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I was picturing 2 buses: one to PIT and one to AMM (and a whole bus hub at SPG, with spokes to anyplace else in the Berkshires, and even Albany) feeding into Valley Flyer and SPG-BOS rail. By Western I meant "anyplace out there""
 

whittle

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Amtrak Virginia and the Downeaster both seem powered by a mix of supercommuters but more importantly the employee or consult who works from home (or in the field) 3 to 4 days per week but who commutes to HQ 1 or 2 times per week.
The latter group is among those I meant by "occasional riders" (the contrast with "daily commuters" should have made that clear). My point is that you can't attract any notable amount of of daily commuters (as in more than the niche crowd of supercummters) without turning this into a boondoggle.
 

Tallguy

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So, if you are sending Amherst folk through Springfield they can already take a free bus to Noho, and if schedules get properly coordinated, take trains to Boston or NYC (a lot of UMies are from CT/NY/NJ) Or, save them 30 min and send busses to Palmer to meet the train
 

Arlington

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There should be an infill in Palmer, yes. And yes it probably would support a shuttle to AMM. That wasn't my point.

The goal for SPG-BOS speed and frequency was my point: it should be so fast that a bus-rail two seat ride would dominate single seat bus rides from most anywhere in the western half if the state.

Bus AMM to Noho and by rail to SPG is already a 2 seat ride.
 

Norval Elliot

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If I'm understanding Arlington's intent, it's to make BOS-SPG Rail + SPG-PIT Bus competitive with BOS-PIT Bus. Perhaps I'm misunderstanding your point though.
Alas, I misunderstood Arlington's intent. Because the PVTA and Peter Pan Bus Lines serve Amherst rather well, I'm uncertain as to why that town would need more bus service. A bus lane between Amherst and Northampton would be helpful, however.
 

Arlington

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Alas, I misunderstood Arlington's intent. Because the PVTA and Peter Pan Bus Lines serve Amherst rather well, I'm uncertain as to why that town would need more bus service. A bus lane between Amherst and Northampton would be helpful, however.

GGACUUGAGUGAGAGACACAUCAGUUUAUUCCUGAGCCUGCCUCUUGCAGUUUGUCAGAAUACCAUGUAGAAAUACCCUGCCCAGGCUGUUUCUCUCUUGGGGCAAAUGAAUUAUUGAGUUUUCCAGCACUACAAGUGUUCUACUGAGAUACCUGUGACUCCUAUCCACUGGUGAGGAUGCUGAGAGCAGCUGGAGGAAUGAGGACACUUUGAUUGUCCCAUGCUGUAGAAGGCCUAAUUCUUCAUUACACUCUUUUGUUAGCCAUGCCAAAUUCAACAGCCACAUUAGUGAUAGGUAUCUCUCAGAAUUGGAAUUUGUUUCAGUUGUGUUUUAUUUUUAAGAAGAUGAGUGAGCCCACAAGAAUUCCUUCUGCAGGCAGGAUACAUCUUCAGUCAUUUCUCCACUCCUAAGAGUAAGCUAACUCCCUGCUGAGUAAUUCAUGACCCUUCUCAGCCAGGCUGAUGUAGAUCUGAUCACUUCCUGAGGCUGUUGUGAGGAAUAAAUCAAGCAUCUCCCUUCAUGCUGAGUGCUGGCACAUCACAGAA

Picture it this way (and a slight exaggeration): rail service at SPG so awesome that the only place it makes sense to take a bus from AMM is to/from SPG to catch a train.

That is my RAIL goal for SPG, not a real plan of bus service for AMM.

I want SPG-BOS (Amtrak Intercity) to average 90+ mph (requiring peaks of 125mph or more) to vastly outperform the Pike. I want SPG-NHV/STM/NYC to vastly outperform I-91/95. So vastly that Peter Pan will struggle to compete in its AMM-NYC and AMM-BOS runs and cut back to just AMM-SPG (or Palmer).

And Peter Pan will have network and connecting demand of its own such that I don't really expect it to leave the AMM-BOS/NYC markets entirely.

There will continue to be PVTC service to NHT both for the local market and for trips to VT (and onward to Montreal eventually)

So, yes, an AMM-SPG bus can't meet all of AMM's needs, but I want bus-rail (or bus-bus) connections at SPG to dominate on frequency and compete really well on duration--and do do so for every community west of the Athol-Quabbin-Ware meridian (in orange, below, aka the western edge of Worcester county)

MA-county_LI.jpg
 

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George_Apley

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So, is there any feasibility behind this? What you want would require a new ROW between Worcester and Springfield.
 

Arlington

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People can't resist picking Alternative 6, whether for RUR or the East-West Rail study

The East-West Rail study has a major shortcoming in that it outlines "what it takes" but not "what it costs"

In this case Alternative 6 == 110 to 150mph rail down the middle of the Masspike for its entire length (except for returning to existing station approach tracks in WOR and SPG)

And I can't resist proposing Alternative 5½ which trims things back to the bigger cities. I'd have HSR stop at SPG and ask everyone else to take a bus to get there. I might do the I-90 median for just Weston-Grafton and then maximize the existing ROW WOR-SPG

It is also strange in the East-West study that the Palmer stop comes and goes. Palmer is a great place to put a Park-and-Ride (RTE 128 style) station because getting fast track from Palmer-BOS is a much clearer winner than much-upgrading Palmer-SPG.
 

DBM

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All this stuff is important and great, but, just as a reminder, here's what we're looking at on the commuter rail lines right now:

Providence-South Station: 70 minutes (ave. of the 2 height-of-rush hour inbounds), 43 miles. 37 mph average
Worcester-South Station: 95 minutes (again, ave.), 43 miles. 27 mph average
Kingston-South Station: 60 minutes (ave.), 35 miles. 35 mph average
Lowell-North Station: 45 minutes (ave.), 25 miles. 33 mph average
Lawrence-North Station: 55 minutes (ave.), 26 miles. 28 mph average

Glacial, pathetic, and almost definition hampering the economic potential of Gateway cities out on the 495-ville (or just beyond) perimeter.

So anything that addresses a high-speed Springfield to Boston mandate, without fixing this glaring decades-long deficiency, is to me dangerously myopic.

(Of course, I don't know--maybe Springfield to Boston will be purposefully tethered somehow to speeding up all the CR lines?)
 

odurandina

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I was picturing 2 buses: one to PIT and one to AMM (and a whole bus hub at SPG, with spokes to anyplace else in the Berkshires, and even Albany) feeding into Valley Flyer and SPG-BOS rail. By Western I meant "anyplace out there""
w/ the traffic beginning to become absurd, This seems the far more sensible way
to move people and a far more comfortable method of travel.

....here's what we're looking at on the commuter rail lines right now:

Worcester-South Station: 95 minutes (again, ave.), 43 miles. 27 mph average

Glacial, pathetic, and almost definition hampering the economic potential of Gateway cities
out on the 495-ville (or just beyond) perimeter......
So anything that addresses a high-speed Springfield to Boston mandate, without fixing this glaring decades-long deficiency, is to me dangerously myopic.
Entice and speed it up.
Any opportunity for food services on board? and, should this line just be Amtrak,
done like the 110mph diesel trains from St Louis to Chicago--
(which i ponder is subsidized in some way by Illinois & Missouri)???